Oral Presentation 6th Australian Health and Medical Research Congress 2012

The mTOR Signaling Circuitry and Cancer: New Molecular-Targeted Therapies (#71)

Silvio Gutkind 1
  1. NIDCR, NIH, Bethesda, MD, United States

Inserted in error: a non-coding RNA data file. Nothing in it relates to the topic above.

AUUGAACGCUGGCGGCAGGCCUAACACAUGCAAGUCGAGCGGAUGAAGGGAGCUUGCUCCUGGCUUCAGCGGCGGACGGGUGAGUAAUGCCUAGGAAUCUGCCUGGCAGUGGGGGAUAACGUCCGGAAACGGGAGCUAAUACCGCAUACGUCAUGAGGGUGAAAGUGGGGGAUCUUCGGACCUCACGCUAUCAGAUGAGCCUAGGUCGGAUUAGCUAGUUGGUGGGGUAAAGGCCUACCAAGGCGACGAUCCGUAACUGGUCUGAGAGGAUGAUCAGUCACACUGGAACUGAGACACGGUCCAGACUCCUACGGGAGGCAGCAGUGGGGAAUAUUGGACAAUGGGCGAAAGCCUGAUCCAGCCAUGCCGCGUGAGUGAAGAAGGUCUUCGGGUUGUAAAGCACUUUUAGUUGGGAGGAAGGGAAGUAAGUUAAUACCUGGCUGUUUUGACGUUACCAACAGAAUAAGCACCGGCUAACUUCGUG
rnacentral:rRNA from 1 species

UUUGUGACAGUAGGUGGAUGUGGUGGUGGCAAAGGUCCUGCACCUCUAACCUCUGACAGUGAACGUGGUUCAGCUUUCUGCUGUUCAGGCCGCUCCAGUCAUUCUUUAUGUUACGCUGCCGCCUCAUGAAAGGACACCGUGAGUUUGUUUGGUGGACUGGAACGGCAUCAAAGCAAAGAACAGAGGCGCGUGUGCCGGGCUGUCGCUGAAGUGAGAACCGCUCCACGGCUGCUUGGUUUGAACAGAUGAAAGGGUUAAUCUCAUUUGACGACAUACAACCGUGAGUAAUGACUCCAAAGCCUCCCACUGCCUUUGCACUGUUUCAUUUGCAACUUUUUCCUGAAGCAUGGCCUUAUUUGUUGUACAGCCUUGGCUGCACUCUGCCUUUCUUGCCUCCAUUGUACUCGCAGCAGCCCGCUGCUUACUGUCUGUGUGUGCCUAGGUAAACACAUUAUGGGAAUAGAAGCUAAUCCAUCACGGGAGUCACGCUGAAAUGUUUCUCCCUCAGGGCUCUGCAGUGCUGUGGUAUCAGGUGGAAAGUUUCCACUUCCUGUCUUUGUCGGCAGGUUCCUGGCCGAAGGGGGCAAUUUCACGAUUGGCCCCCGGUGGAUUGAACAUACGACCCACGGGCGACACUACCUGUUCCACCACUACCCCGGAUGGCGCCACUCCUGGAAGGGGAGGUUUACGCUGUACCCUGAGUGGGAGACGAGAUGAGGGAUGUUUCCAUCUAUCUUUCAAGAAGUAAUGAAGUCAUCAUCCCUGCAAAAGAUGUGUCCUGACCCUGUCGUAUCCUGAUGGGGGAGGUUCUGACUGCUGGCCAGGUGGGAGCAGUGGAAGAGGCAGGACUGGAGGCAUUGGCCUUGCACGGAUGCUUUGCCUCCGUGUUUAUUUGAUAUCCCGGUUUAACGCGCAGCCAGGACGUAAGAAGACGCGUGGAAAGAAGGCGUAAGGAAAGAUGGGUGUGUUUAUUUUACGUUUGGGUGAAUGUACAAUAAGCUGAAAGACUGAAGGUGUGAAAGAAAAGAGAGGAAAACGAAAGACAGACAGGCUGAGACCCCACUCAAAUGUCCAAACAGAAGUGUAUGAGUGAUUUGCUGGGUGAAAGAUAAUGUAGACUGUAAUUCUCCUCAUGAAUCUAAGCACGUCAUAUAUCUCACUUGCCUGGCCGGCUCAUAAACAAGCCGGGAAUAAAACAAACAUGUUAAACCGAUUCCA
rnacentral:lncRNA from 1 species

With approximately 500,000 new cases annually, squamous cell carcinomas of the head and neck (HNSCC), represent one of the six most common cancers in the world. This disease, which includes malignant lesions arising in the oral cavity, larynx and pharynx, results in nearly ~11,000 deaths each year in the United States alone. The five-year survival rate after diagnosis for HNSCC remains low, approximately 50%, which is lower than that for other frequent cancers types, such as colorectal, prostate, and breast cancer. This poor prognosis is largely due to the advanced nature of the disease at the time of diagnosis, and the limited response to currently available treatment options. Recent discoveries have provided unprecedented opportunities to understand how the dysregulated function of signaling networks contributes to the initiation, malignant growth, and metastatic spread of HNSCC. This information is now being exploited to identify novel mechanism-based preventive strategies and anti-cancer therapies. Indeed, recent focused efforts have revealed that activation of the signaling molecule mTOR is an early and one of the most frequent events in HNSCC. Remarkably, the blockade of mTOR with its specific clinically-relevant inhibitors, such as rapamycin, provokes the death of HNSCC cells and tumor regression in all experimental oral cancer model systems tested, including those involving HPV-associated HNSCC. mTOR inhibition displays potent anti-lymphangiogenic activity, and prevents the metastatic spread of HNSCC cells to locoregional lymph nodes thereby prolonging animal survival. We have also observed recently that the mild inhibition of mTOR by the use of metformin can prevent the progression of oral premalignant lesions to HNSCC. These striking findings have provided a strong rationale for launching a multi-institutional effort aimed at investigating the clinical efficacy of mTOR inhibitors as a molecular-targeted option for HNSCC cancer prevention and treatment. The molecular mechanisms underlying the remarkable effects of mTOR inhibitors in HNSCC and other cancer types will be discussed.